Life and career of the reigning queen of pop

Reigning queen of pop Katy Perry is bringing her lavish stage show to Macau


After her headline-stealing performance at the Super Bowl halftime show in February, Katy Perry, the reigning queen of pop, is set to bring her Prismatic World Tour to The Venetian Macao for two monster shows next month.

It’s hard to remember a time when Perry wasn’t atop the charts – or all over the gossip pages. Madonna singled her out for stardom early, raving about her first single in 2007, Ur So Gay. Having Madge on your side certainly didn’t hurt, and a year later she rocketed to fame with the release of the single I Kissed a Girl. That track was followed by her second album, One of the Boys, that made it to the top 10 of the Billboard Hot 100 and was followed by her first solo tour to promote the album. Six years down the track and she is now on her fourth tour.

Katy Perry 2The Prismatic World Tour is not only her biggest and shiniest yet, it might just be the most personal.

“I am involved with every detail of the tour. There are seven sections in the tour and each section is its own different world,” she said in a video released at the start of the tour, “so we have the Prismatic section, the Ancient Egyptian section … it’s exciting and there are lots of remixes.”

The tour began a year ago in Belfast and is now on its fourth leg – you can’t say the diva doesn’t put in the legwork – which will take it through Asia before winding up in Brazil in September. The scope of the tour is so hue that it took 28 semi-trailers and 12 buses to transport the stage set-up and crew around Australia.

Perry is a pop star who does things big, and her fans are lapping it up. Her Super Bowl performance was watched by almost 119 million viewers, according to TV ratings, that’s five million more viewers than the actual game drew.

She has 68.4 million Twitter followers (and counting) – that’s about the population of France. And her bank balance is not suffering, obviously – Forbes magazine listed her as the “world’s ninth most powerful celebrity”, pulling in US$40 million last year.

Katy Perry 3All that and it’s easy to think of her as an overnight success, but she didn’t hit the good times immediately. Nor did she start off as fans will see her in Macau – brimming with confidence and sassy sex appeal. Perry was born Katheryn Hudson and her parents are both evangelical pastors. Not quite so sassy, but she could always sing.

“My parents would give me 10 dollars, which is a lot of money when you’re nine, to sing at church, on tables at restaurants, at family functions, just about anywhere,” Perry has said.

She took singing lessons with her elder sister and learned to play the guitar, but as you might expect of Church-going folks, her parents were strict. There was no MTV permitted in the Hudson household. “The only things I was allowed to listen to were the Sister Act 1 and 2 soundtracks,” she has said, referring to the comedy movies about Catholic nuns.

But then she turned 13, took swing dance classes and began rebelling. Recalling those days, she has said: “I was always the kid at the dinner table who, if there was a line you shouldn’t cross, I took a big leap over it. That’s always been me.”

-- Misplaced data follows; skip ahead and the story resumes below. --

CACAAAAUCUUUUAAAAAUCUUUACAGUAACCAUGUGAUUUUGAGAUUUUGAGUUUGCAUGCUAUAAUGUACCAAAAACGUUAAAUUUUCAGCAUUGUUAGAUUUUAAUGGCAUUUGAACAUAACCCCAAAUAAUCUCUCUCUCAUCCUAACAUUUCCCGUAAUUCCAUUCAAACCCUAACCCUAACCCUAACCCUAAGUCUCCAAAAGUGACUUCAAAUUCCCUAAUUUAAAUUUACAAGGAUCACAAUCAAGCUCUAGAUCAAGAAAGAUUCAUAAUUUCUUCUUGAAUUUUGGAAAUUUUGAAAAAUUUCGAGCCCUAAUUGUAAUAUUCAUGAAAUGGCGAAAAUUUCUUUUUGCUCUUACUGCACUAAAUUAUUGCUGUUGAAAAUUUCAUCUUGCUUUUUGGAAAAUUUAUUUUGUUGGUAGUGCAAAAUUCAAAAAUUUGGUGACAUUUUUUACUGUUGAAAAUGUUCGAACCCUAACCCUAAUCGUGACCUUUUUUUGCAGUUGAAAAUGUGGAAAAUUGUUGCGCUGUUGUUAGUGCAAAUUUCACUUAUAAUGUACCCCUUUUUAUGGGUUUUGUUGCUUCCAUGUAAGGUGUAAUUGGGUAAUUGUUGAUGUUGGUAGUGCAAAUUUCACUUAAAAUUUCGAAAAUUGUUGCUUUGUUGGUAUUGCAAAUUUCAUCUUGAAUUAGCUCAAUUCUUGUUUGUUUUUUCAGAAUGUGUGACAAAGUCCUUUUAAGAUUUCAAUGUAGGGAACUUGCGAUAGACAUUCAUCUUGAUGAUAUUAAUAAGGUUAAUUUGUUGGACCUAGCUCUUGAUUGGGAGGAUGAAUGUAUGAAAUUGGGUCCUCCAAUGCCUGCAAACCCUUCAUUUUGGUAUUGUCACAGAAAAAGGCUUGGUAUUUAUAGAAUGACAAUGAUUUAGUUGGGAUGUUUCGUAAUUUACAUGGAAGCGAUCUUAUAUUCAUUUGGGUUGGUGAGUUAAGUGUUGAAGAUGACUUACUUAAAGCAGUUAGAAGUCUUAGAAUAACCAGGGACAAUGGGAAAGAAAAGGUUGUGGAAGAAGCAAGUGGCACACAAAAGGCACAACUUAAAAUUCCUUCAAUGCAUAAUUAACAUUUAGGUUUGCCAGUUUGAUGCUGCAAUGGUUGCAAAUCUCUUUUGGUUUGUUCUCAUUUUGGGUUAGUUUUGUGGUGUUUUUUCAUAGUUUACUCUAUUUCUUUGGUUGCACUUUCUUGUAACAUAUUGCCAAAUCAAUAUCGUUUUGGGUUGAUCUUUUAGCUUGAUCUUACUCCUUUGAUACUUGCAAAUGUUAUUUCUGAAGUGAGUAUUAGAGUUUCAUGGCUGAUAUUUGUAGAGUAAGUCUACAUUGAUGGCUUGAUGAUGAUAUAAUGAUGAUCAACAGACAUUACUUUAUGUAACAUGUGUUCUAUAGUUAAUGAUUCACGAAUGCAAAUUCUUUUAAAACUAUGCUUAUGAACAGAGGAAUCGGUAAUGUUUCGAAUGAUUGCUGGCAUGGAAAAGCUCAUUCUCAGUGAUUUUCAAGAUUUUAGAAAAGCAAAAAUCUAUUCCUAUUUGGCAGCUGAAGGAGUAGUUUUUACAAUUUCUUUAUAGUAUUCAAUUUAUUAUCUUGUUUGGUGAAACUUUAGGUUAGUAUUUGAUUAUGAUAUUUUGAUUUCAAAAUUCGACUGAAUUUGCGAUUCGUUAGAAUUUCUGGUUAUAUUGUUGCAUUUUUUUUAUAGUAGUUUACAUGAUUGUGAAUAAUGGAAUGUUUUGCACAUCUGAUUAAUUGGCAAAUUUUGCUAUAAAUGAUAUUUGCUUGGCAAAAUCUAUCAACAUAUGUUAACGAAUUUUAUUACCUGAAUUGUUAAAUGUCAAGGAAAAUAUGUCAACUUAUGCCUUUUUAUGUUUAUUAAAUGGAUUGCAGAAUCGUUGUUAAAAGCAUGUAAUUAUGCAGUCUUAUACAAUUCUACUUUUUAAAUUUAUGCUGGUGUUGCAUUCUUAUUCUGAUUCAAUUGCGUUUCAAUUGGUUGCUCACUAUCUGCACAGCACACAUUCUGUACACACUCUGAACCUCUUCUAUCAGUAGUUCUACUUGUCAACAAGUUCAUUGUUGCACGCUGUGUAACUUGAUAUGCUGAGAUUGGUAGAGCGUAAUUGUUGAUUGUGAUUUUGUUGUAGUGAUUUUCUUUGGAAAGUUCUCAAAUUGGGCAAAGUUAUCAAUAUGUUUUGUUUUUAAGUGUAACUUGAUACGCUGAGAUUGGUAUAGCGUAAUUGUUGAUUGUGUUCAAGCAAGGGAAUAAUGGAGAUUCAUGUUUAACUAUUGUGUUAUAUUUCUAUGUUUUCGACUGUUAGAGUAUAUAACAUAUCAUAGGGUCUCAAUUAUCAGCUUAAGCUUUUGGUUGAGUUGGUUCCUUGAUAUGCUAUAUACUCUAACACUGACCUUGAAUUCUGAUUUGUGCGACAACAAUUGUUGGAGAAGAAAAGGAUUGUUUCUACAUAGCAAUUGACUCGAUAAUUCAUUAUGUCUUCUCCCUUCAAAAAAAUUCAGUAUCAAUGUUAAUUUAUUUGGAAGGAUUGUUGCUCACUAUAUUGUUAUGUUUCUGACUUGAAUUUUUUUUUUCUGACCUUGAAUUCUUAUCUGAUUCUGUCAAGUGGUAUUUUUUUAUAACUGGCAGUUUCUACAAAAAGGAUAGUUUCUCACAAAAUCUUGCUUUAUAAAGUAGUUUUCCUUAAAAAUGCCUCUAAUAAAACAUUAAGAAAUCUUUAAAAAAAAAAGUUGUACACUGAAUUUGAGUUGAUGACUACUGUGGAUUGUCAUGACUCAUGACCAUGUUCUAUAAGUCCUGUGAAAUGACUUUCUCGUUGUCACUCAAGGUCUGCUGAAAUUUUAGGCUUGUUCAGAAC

So she took that big leap – albeit with her mother holding her hand – and made a number of trips to the city of Nashville in southeast US to record a gospel album. Titled Katy Hudson, the 2001 release didn’t so much flop, as it didn’t even get off the ground.

Perry has estimated that the album reached about 100 people before the label went bankrupt. She went back to school, got her high school diploma, and at 17 headed for the bright lights of Los Angeles. But that too was a struggle.

“It was five years of living in LA with no money, writing bad cheques, selling my clothes to make rent, [and] borrowing money,” she has said.

She finally got her big break in 2007 and signed with Capitol. In the early days of her rise to stardom, Perry married the comedian and actor Russell Brand. That union didn’t last a year, but it proved tabloid fodder for much longer.

While her marriage failed, her career was on a solid trajectory upwards. In 2012 she released a new edition of her hit album titled Teenage Dream: The Complete Confection that included new tracks such as Wide Awake and Part of Me. And in 2013 came her fourth album, Prism, which she will bring to Macau next month. Listen out for Roar, the biggest hit of her career yet.

If her performance at The Venetian is anything like the one she gave at the Super Bowl, you might be able to hear her across the waters in Hong Kong. Though unlike the Super Bowl, she won’t be bringing the dancing sharks to Macau – there’s no way she’d let them try and steal the limelight again. If you missed that the first time around, go check it out on YouTube.

Even though the antics of the “left shark” in that video garnered plenty of attention after the show, Perry didn’t let that burst her bubble. She’s making the most of it by selling related merchandise on her website. For US$129.99 you can buy a “Katy Perry Left Shark Belovesie” (that’s a onesie with a dual zipper that can zip up right over your face).

It’s overpriced, for sure, but fans of Perry have proven to be that devoted.

Original link: SCMP


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Kate Whitehead

Kate Whitehead is a Hongkonger and has made the city her home since she was eight. She got her first degree (BA English Lit) from Warwick University and her postgrad (MA English Lit) from Sussex University. She was on staff at the Hong Kong Standard and South China Morning Post and was the editor of Cathay Pacific’s inflight magazine, Discovery.

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